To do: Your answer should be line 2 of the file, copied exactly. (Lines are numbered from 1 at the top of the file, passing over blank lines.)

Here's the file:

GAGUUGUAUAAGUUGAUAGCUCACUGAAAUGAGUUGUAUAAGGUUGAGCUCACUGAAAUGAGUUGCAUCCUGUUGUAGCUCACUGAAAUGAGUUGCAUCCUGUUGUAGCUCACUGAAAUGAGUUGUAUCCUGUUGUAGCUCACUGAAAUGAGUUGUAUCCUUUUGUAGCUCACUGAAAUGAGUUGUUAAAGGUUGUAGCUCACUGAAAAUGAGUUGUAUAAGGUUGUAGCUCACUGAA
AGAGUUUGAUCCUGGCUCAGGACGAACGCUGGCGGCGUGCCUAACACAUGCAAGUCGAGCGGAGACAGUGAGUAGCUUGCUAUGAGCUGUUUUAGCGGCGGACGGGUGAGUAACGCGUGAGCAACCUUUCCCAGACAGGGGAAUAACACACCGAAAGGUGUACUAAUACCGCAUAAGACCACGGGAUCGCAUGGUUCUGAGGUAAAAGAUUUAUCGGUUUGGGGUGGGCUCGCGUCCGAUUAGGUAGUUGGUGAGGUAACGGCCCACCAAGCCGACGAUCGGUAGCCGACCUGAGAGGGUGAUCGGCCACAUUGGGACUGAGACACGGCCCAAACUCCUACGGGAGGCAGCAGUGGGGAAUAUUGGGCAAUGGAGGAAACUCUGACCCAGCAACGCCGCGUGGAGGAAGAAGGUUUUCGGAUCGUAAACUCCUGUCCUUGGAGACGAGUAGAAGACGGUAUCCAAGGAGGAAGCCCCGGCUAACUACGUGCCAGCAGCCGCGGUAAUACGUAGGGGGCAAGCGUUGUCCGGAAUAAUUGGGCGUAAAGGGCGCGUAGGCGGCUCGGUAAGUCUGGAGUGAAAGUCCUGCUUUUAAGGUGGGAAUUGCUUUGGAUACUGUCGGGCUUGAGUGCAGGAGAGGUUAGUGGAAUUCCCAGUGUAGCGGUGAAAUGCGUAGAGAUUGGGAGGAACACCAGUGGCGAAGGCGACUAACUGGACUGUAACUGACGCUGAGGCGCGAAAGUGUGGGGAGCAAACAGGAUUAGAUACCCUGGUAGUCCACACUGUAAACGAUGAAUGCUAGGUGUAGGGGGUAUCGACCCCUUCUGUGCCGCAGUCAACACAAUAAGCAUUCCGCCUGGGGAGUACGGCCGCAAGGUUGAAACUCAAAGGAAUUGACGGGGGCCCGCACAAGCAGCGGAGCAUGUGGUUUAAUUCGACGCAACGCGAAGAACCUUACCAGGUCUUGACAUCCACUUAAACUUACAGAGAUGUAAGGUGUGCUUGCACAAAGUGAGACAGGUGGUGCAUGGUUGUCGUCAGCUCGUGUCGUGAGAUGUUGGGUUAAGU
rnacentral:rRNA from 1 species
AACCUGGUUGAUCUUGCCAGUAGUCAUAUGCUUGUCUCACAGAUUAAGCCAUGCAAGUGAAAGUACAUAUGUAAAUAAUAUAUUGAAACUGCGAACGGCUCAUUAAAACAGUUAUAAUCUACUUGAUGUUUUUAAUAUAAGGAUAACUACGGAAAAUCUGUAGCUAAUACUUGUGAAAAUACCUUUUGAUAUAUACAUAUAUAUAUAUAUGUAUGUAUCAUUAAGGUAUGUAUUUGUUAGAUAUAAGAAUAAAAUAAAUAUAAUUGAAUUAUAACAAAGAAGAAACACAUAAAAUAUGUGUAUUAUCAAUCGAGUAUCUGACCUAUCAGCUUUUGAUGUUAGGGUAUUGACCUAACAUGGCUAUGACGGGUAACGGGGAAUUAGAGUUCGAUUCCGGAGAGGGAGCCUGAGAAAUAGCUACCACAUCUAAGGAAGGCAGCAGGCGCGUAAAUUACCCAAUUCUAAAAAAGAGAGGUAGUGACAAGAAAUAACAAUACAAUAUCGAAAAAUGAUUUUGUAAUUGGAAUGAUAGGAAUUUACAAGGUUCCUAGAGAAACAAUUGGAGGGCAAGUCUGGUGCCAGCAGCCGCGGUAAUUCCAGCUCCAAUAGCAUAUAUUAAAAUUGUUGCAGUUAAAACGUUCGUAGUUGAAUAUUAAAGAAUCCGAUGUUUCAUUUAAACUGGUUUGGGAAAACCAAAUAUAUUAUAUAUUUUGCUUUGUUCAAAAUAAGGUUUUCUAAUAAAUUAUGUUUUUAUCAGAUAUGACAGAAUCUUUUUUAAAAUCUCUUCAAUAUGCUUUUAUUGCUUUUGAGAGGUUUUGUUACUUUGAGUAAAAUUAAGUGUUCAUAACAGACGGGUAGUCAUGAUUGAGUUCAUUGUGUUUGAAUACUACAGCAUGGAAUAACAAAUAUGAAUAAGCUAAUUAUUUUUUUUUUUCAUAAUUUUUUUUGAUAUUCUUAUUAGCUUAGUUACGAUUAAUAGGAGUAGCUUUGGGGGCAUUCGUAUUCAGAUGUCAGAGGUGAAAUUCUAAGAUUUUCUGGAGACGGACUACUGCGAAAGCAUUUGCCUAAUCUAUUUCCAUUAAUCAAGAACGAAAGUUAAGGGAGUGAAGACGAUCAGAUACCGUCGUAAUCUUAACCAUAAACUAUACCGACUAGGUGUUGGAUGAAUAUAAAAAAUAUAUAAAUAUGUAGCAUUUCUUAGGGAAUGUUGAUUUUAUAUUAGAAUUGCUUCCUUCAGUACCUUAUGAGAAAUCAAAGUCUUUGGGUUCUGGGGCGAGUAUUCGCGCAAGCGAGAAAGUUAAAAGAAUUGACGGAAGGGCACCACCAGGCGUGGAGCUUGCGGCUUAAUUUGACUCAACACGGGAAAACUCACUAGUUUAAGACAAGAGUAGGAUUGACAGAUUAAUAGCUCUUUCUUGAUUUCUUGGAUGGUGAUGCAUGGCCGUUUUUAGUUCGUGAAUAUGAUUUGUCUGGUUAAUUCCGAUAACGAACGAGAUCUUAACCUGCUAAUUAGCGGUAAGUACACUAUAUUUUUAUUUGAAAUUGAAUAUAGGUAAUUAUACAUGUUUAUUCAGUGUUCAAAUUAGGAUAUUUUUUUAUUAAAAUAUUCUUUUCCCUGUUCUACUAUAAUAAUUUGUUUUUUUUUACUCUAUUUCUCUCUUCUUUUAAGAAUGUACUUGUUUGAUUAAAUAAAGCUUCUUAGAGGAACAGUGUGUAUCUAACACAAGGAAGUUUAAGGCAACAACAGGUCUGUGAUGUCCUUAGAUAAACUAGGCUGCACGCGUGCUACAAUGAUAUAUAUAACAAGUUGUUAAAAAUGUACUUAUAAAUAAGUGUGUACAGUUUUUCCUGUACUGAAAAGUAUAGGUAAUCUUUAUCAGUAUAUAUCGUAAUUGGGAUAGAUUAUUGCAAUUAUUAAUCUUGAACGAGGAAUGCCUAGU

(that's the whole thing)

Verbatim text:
AGAGUUUGAUCCUGGCUCAGGACGAACGCUGGCGGCGUGCCUAACACAUGCAAGUCGAGCGGAGACAGUGAGUAGCUUGCUAUGAGCUGUUUUAGCGGCGGACGGGUGAGUAACGCGUGAGCAACCUUUCCCAGACAGGGGAAUAACACACCGAAAGGUGUACUAAUACCGCAUAAGACCACGGGAUCGCAUGGUUCUGAGGUAAAAGAUUUAUCGGUUUGGGGUGGGCUCGCGUCCGAUUAGGUAGUUGGUGAGGUAACGGCCCACCAAGCCGACGAUCGGUAGCCGACCUGAGAGGGUGAUCGGCCACAUUGGGACUGAGACACGGCCCAAACUCCUACGGGAGGCAGCAGUGGGGAAUAUUGGGCAAUGGAGGAAACUCUGACCCAGCAACGCCGCGUGGAGGAAGAAGGUUUUCGGAUCGUAAACUCCUGUCCUUGGAGACGAGUAGAAGACGGUAUCCAAGGAGGAAGCCCCGGCUAACUACGUGCCAGCAGCCGCGGUAAUACGUAGGGGGCAAGCGUUGUCCGGAAUAAUUGGGCGUAAAGGGCGCGUAGGCGGCUCGGUAAGUCUGGAGUGAAAGUCCUGCUUUUAAGGUGGGAAUUGCUUUGGAUACUGUCGGGCUUGAGUGCAGGAGAGGUUAGUGGAAUUCCCAGUGUAGCGGUGAAAUGCGUAGAGAUUGGGAGGAACACCAGUGGCGAAGGCGACUAACUGGACUGUAACUGACGCUGAGGCGCGAAAGUGUGGGGAGCAAACAGGAUUAGAUACCCUGGUAGUCCACACUGUAAACGAUGAAUGCUAGGUGUAGGGGGUAUCGACCCCUUCUGUGCCGCAGUCAACACAAUAAGCAUUCCGCCUGGGGAGUACGGCCGCAAGGUUGAAACUCAAAGGAAUUGACGGGGGCCCGCACAAGCAGCGGAGCAUGUGGUUUAAUUCGACGCAACGCGAAGAACCUUACCAGGUCUUGACAUCCACUUAAACUUACAGAGAUGUAAGGUGUGCUUGCACAAAGUGAGACAGGUGGUGCAUGGUUGUCGUCAGCUCGUGUCGUGAGAUGUUGGGUUAAGU